The music video for singer-songwriter Charlene Kaye’s song “Skin and Bones” opens with an extended tracking shot as the camera follows a long piece of blue yarn. The camera then pans over a brightly colored cardboard desert and mountain backdrops. The video, with stagehands holding construction paper props in the background as the band plays paper instruments in the foreground, has the same playful sensibility that might be found in a pop-up book by Michel Gondry, director of “The Science of Sleep.”

Chanel Von Hasburg-Lothringen/Daily

Paper Frame Productions, the production company behind this video, is now tasked with figuring out how to surpass this star video on its next effort. It is this fact that brings the three-person company to Amer’s Mediterranean Deli on State St. on a Monday night, where they’re meeting with Charlene Kaye to plan the upcoming video for “Magnolia Wine,” the follow-up to “Skin and Bones.”

At a tiny table near the deli’s entrance, Kaye and the production team, composed of LSA sophomore Liann Kaye (Charlene Kaye’s sister), LSA sophomore Thom Arnold and his brother, freelance videographer Mark Arnold, start to block out the video. The four of them pour though a notebook filled with scribbled storyboards as they debate potential shots and ideas. Over a cup of tea and a MacBook Pro displaying the song’s lyrics, Charlene Kaye admits that, in planning the new video, trying to avoid treading over familiar creative territory is a challenge.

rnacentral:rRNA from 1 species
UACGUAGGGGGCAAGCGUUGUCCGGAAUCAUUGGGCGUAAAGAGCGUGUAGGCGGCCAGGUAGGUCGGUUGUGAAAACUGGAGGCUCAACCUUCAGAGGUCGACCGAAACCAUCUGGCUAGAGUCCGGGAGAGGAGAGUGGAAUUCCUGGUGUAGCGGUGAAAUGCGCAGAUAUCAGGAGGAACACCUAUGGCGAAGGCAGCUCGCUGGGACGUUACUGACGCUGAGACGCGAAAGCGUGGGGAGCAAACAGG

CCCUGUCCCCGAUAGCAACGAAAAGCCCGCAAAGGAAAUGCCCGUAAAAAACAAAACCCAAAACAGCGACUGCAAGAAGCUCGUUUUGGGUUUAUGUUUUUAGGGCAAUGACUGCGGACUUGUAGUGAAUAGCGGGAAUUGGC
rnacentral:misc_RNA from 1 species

“I think for this video, it’s always hard to try and make the sophomore effort, because you want to live up to the last project,” Charlene said. “You want to affect people in the same way, but you also don’t want to get boxed in stylistically.”

Considering that Paper Frame Productions has only officially existed since January, it’s pretty impressive that the group is producing a second music video, especially considering the group’s modest roots.

The group’s story begins in January 2008, when Charlene needed someone to film a concert she was playing at Canterbury House. Thom Arnold, a friend of Liann’s, filmed the show on a handheld camera, switching between close-ups and long shots, catching Charlene’s attention.